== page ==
The kilometer-size rubble pile appears to be held together by van der Waals forces. Karen Hopkin reports
From the depths of space, an asteroid hurtles toward Earth. [Well, our general vicinity.] But this is no ordinary hunk of galactic debris. Because the body of this asteroid seems to defy gravity. It’s bound by forces never observed on this scale in space.
That’s not the plot of a new summer blockbuster. It’s the result of a study in the journal Nature. [Ben Rozitis, Eric MacLennan and Joshua P. Emery: Cohesive forces prevent the rotational breakup of rubble-pile asteroid (29075) 1950 DA]
The asteroid in question is actually a kilometer-sized collection of rubble. In most cases, such space-faring pebble piles are held together by a combination of gravity and friction. But not so for our rocky interloper, dubbed “1950 DA.” This asteroid is rotating so rapidly that its pieces should have flung apart long ago.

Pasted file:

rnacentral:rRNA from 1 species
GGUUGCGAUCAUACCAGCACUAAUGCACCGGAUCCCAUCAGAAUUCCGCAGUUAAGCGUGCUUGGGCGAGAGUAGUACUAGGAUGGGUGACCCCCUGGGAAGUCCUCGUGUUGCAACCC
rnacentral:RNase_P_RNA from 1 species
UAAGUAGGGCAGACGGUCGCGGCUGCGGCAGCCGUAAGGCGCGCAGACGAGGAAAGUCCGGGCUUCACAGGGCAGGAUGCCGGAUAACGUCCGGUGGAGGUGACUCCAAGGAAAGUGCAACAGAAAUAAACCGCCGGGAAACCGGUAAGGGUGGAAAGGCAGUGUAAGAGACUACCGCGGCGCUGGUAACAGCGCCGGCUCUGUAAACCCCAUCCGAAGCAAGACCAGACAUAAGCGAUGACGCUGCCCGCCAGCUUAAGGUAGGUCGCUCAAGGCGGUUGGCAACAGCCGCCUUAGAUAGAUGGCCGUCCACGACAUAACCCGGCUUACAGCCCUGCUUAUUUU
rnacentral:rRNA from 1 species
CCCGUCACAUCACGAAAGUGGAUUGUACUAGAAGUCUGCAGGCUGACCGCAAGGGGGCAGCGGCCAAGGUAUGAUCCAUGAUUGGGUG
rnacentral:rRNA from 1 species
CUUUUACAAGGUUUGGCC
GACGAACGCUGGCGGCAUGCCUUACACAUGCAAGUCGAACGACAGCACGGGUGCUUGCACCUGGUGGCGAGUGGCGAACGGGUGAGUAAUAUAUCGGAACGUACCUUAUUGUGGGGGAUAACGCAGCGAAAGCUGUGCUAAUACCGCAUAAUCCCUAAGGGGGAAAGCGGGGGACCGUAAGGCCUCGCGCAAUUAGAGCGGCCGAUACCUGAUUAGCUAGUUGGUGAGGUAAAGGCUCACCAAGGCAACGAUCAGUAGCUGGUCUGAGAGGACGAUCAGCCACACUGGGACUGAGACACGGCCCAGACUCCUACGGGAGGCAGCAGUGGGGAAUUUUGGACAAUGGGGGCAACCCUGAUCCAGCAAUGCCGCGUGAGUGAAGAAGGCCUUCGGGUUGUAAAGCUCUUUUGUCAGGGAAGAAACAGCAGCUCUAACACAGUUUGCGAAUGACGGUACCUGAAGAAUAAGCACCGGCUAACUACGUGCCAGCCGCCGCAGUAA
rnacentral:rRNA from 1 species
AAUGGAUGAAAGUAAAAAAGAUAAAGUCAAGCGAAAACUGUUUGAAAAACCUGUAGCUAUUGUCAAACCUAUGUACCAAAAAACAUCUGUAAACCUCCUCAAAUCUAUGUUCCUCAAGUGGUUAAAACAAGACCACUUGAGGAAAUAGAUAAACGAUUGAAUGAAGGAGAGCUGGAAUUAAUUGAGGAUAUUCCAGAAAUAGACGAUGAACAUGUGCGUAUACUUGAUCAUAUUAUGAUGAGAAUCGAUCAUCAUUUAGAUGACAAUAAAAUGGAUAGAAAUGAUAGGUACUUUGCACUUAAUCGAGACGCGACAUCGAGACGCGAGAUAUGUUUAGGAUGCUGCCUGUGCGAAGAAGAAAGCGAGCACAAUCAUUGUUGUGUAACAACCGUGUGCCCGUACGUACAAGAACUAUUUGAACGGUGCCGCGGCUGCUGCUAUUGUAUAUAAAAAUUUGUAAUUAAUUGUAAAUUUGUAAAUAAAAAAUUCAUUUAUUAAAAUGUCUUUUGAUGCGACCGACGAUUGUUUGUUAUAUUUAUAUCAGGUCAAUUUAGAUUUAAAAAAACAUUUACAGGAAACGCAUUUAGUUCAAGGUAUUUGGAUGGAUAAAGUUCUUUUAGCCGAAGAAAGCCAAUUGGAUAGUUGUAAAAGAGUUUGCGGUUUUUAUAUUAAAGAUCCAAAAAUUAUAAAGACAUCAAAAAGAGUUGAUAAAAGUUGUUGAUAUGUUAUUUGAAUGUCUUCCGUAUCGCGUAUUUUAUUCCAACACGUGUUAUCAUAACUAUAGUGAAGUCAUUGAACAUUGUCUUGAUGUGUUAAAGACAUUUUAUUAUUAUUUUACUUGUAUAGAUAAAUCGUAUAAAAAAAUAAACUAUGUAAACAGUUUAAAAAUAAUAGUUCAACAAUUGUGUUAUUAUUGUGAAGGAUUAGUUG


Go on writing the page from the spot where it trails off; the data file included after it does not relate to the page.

Now, by analyzing the 1950 DA’s temperature and density, researchers conclude that cohesive forces called van der Waals attractions must be keeping the pieces clustered. Van der Waals forces may sound mysterious, but they’re well known on the small scale for their weak influence within and between molecules.
Blasting the asteroid, Hollywood style, could overcome these forces. But that might leave us with hundreds of smaller killer space rocks to dodge. The good news is, the asteroid won’t be in our area until 2880. So we have some time to figure it out.
[The above text is a transcript of this podcast.]